A growing number of drug companies are working with the World Anti-Doping Agency (WADA) to try to prevent illegal use of their products among athletes, according to The New York Times.
Roche and GlaxoSmithKline have started to evaluate all new drug candidates for their potential to be abused by athletes. They have agreed to share information about the drugs with WADA, the article notes. Several other drug companies have given the agency information about specific drugs.
This trend represents a shift in drug companies’ thinking, said David Howman, Director General of WADA. In the past, they “felt that any publicity in relation to antidoping control would be negative,” he told the newspaper. “But what they discovered is the opposite happened.”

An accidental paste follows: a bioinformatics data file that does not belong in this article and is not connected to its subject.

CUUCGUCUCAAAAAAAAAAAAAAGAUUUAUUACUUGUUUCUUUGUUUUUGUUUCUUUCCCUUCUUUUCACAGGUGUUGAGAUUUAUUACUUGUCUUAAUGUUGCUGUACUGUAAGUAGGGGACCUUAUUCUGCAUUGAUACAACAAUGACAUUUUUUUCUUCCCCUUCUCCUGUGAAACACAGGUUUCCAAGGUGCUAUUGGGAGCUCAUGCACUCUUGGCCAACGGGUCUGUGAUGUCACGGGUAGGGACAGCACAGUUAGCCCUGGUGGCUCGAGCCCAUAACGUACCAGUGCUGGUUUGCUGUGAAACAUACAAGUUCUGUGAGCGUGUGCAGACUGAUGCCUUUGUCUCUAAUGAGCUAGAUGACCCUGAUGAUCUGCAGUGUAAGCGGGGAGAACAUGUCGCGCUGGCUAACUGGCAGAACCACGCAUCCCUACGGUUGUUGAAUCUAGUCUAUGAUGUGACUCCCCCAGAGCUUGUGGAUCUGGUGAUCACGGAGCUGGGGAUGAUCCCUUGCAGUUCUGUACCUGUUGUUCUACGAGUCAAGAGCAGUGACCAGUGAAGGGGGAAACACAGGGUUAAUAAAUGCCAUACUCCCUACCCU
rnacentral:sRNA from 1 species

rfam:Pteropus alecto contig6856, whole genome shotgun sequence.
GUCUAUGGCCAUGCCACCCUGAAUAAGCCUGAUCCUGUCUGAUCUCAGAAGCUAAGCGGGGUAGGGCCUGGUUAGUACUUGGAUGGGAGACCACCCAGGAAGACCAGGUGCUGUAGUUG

Last year, Glaxo sponsored testing laboratories for the Olympic Games in London. It was the first time an antidoping lab had a named corporate sponsor.
In the past, the relationship between anti-doping officials and drug companies has been strained. The New York Times notes Amgen, maker of the blood-enhancing drug EPO, sponsored the Tour of California when abuse of the drug was widespread among cyclists.
Last month, champion cyclist Lance Armstrong admitted to using performance-enhancing drugs during his career, and apologized for doing so during an interview with Oprah Winfrey. The winner of seven Tour de France victories, Armstrong strongly denied he used performance-enhancing drugs for many years.
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